Do this with the full knowledge that you and I must ask God for the strength to live out such a life; we cannot do so of our own strength and willpower alone. There’s a strong connection between our ability to live out Godly lives and the amount of focus we expend on Christ. The more we focus and invest our lives in Christ, the easier it becomes for Christ to have control over every part of our lives.

Keep in mind that in all of this your salvation is non-negotiable. You and I worship a God that keeps his promises no matter what.

“The Lord is trustworthy in all he promises and faithful in all he does.” (Psalm 145:13b, NIV)

His grace and love are beyond anything we could possibly comprehend. The Apostle Paul reminded us:

“if we are faithless, he remains faithful, for he cannot disown himself.” (2 Timothy 2:13, NIV)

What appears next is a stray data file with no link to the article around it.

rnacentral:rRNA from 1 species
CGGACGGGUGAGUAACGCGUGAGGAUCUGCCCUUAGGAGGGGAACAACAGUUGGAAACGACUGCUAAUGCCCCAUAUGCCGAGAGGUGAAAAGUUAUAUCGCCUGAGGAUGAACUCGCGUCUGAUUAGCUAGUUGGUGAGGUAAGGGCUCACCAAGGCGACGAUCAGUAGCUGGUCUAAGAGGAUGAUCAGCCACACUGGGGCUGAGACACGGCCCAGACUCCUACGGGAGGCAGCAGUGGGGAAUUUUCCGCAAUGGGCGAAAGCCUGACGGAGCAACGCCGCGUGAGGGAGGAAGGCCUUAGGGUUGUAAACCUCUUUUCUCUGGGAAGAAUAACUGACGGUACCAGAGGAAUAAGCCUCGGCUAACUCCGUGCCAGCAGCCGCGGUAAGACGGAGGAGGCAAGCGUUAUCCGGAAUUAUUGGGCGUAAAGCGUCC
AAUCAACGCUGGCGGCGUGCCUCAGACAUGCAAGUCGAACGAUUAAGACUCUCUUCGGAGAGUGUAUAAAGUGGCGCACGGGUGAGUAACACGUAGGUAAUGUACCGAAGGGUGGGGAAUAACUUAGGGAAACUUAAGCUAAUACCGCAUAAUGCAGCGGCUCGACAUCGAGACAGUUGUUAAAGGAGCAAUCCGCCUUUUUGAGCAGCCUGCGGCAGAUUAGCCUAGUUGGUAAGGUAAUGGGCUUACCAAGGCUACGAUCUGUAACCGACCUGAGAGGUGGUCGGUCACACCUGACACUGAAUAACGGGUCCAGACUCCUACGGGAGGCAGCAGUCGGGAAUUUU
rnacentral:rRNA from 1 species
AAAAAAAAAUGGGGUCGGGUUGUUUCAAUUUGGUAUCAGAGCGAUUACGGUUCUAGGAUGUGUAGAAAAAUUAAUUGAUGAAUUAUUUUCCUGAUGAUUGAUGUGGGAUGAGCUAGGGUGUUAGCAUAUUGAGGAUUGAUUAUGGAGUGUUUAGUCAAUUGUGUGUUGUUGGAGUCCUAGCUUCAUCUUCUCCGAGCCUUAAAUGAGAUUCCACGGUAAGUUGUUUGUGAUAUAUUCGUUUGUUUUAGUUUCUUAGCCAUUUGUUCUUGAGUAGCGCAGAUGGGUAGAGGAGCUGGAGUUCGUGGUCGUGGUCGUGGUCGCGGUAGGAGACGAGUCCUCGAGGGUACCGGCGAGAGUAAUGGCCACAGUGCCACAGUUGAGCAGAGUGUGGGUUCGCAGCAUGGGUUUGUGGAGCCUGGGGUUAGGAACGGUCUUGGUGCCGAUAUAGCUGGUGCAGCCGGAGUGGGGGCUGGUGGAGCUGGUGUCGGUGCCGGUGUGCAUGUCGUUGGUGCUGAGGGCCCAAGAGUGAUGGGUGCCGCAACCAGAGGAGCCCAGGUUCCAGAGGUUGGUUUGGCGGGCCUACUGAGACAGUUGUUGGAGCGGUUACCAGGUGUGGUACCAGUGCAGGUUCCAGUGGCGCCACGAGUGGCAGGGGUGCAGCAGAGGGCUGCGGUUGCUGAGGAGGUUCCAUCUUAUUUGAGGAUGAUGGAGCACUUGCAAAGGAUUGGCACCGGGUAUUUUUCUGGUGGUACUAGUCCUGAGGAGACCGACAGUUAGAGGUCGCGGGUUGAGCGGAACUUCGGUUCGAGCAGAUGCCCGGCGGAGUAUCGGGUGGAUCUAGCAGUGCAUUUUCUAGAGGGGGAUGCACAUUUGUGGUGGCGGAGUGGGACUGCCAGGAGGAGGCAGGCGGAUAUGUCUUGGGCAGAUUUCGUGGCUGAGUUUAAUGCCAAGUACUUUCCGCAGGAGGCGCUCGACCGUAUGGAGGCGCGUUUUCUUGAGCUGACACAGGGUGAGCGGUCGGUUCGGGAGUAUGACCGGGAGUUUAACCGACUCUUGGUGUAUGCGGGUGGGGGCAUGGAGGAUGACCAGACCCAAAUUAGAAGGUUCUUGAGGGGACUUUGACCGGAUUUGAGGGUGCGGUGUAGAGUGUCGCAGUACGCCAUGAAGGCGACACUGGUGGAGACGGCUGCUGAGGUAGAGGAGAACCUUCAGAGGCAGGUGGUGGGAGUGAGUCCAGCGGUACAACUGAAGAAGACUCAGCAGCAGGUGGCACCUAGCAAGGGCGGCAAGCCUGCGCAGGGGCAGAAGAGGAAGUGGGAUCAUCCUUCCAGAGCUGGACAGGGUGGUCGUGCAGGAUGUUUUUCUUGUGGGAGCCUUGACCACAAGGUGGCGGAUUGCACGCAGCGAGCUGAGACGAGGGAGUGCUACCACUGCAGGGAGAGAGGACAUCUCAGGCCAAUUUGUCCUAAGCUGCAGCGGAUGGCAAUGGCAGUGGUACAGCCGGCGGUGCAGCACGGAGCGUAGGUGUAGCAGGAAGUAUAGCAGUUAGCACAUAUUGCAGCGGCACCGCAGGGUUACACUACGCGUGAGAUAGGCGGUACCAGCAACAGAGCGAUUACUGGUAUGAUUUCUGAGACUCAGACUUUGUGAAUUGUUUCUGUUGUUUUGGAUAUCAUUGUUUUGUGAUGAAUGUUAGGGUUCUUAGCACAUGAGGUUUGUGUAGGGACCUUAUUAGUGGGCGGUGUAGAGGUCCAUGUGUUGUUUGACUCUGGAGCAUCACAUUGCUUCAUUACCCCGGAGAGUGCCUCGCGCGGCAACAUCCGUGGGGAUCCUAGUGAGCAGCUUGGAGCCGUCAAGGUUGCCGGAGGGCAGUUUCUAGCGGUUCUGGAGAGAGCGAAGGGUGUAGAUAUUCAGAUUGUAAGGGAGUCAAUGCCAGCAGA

When it comes to our conduct in this life, our eye should be on the eternal rewards that God has for each of us. While God will evaluate each of our lives, we can be confident that he will do so without bias or poor judgment. He will do so with all the facts including our heart motivation. He is a just God and the evaluation will be based upon his standards, and done on an individual basis.  He will not compare my life choices to someone else’s, rather he will judge my heart, my actions, my thoughts as my own. In the end God wants to reward us!

If this idea of rewards is new to you or resonates in some way and you want to move forward with your best effort, then the best time to start engaging is now!

As soon as you’re done reading this devotion, take a moment and pray, commit yourself to a life that seeks the rewards God has for each of us. These rewards are eternal and everlasting in nature; make the conscience choice to stop looking to other people for significance in this life, instead seek to be significant in Christ’s eyes and in so doing build a life that allows you to store up your treasures in heaven.





===== Notes ======

(1) https://www.washingtonpost.com/news/wonk/wp/2014/05/20/heres-how-much-your-high-school-grades-predict-how-much-you-make-today/?utm_term=.7bfa1648e914